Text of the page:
Dear English-speaking readers, this page is an automatic translation made from a post originally written in French. My apologies for any strange sentences and funny mistakes that may have been generated during the process. If you are reading French, click on the French flag below to access the original and correct text:
My first dives on Koh Phi Phi far exceeded my expectations. Despite the tourist pressure, the funds are very rich.
Koh Phi Phi under the water
I'm spoiled for my first two dives, on so-called "local" sites close to Phi Phi Ley, not far from Phi Phi Don (the main island where we sleep). No less than two "leopard sharks" (zebra sharks), seahorses which are not easy to find and a turtle... Not to mention the usual local fauna. I slide some pictures, but it's a festival!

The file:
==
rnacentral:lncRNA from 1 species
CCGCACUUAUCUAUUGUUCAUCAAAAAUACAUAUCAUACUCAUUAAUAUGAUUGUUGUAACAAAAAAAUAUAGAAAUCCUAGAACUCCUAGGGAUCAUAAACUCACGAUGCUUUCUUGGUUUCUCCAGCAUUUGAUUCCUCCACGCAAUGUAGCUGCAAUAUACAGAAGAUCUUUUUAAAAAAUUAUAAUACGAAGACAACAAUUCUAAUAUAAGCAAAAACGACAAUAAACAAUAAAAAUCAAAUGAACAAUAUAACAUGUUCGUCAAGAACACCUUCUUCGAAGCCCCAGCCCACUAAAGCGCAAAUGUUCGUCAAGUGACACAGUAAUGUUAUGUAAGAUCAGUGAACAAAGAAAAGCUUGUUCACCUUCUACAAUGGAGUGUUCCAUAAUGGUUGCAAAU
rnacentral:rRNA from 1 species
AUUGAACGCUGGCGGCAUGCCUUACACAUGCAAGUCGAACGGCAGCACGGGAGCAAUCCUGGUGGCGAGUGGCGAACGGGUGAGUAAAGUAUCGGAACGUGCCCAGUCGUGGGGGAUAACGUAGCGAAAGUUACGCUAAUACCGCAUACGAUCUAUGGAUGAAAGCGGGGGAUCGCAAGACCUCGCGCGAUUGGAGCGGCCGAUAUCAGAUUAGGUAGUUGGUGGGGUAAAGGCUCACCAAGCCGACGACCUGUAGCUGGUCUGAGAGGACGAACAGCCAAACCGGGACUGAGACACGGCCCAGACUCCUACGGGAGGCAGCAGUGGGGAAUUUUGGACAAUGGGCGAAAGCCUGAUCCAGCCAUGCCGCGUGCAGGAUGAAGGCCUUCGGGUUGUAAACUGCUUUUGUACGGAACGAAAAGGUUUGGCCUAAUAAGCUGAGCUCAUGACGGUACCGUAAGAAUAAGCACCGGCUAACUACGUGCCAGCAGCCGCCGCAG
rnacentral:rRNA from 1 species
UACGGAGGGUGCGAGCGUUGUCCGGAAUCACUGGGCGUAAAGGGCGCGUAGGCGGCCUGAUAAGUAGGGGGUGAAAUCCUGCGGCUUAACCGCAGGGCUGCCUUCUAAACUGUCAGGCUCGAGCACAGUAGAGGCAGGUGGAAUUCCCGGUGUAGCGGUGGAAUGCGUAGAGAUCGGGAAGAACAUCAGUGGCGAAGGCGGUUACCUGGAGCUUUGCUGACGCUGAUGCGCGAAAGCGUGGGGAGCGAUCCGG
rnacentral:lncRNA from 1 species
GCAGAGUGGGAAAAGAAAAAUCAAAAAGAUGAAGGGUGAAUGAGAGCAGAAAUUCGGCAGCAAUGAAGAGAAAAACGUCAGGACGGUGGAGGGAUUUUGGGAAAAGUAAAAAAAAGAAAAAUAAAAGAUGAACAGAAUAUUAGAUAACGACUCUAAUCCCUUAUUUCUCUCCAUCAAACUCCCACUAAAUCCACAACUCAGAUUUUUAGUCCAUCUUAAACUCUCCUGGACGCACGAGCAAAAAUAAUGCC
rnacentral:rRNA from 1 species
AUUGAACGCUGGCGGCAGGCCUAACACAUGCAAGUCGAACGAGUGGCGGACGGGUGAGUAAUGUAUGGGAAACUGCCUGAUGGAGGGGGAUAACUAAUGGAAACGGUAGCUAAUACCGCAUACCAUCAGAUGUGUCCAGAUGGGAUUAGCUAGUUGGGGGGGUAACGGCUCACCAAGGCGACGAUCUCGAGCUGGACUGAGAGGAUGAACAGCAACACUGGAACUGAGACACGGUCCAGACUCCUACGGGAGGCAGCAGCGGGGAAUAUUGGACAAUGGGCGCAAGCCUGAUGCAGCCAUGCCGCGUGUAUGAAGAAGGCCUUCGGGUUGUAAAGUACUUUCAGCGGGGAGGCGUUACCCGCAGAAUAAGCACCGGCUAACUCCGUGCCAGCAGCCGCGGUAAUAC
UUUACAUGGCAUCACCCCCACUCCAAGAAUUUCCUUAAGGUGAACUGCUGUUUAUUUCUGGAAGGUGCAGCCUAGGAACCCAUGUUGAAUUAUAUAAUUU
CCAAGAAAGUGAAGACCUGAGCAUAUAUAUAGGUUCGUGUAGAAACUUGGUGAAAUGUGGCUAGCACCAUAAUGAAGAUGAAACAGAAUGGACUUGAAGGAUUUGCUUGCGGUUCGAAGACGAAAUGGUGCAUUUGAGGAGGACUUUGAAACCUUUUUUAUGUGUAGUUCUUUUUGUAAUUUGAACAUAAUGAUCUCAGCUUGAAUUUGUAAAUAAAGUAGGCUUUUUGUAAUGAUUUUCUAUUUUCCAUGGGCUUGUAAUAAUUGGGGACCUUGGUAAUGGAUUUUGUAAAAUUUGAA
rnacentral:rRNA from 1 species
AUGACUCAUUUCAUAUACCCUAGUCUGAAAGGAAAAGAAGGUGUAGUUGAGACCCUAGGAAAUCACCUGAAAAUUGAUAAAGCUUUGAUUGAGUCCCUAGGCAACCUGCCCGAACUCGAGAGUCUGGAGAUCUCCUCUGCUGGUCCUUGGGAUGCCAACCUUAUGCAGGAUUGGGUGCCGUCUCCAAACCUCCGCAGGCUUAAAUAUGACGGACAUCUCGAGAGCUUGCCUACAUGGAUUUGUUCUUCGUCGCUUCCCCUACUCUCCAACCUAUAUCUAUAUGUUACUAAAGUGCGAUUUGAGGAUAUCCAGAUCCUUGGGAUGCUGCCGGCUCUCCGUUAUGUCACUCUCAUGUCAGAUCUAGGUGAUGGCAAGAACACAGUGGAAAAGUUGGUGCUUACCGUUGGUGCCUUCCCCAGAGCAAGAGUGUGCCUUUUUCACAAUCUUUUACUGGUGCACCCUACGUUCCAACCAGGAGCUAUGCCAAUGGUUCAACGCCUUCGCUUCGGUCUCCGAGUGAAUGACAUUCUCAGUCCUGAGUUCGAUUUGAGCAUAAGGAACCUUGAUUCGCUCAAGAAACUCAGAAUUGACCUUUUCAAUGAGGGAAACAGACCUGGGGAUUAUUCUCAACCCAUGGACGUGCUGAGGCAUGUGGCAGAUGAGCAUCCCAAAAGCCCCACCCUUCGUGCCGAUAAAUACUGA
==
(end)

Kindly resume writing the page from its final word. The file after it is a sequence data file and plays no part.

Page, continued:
Our dive-master, a young guy named Ryan, reads One hundred years of loneliness of Marquez, in English, on the boat. Obviously more interested in reading it than diving. Underwater, he certainly does his job well, but traces a little too quickly for my taste. Barely enough time to take pictures! Obviously a little jaded to walk around with diving tourists, the boy...
That said, monopolized by my brand new stab and brand new Legend Expander Legend (see page Equipment), I make few pictures. But I'm making up for it on the second one! The proof.
Koh Phi Phi View Point
Then, hardly tired by this double immersion, I tackle the climb to View Point, the aptly named. There are now "tsunami evacuation route" signs everywhere along the roads of the island.
From there, we have a breathtaking view of the two beaches back to back. Probably the best-known panorama of Phi Phi. As usual, when it comes to making an effort, even modest, in these latitudes, I'm swimming. Fortunately, the ice cream vendor is waiting for tourists on arrival ...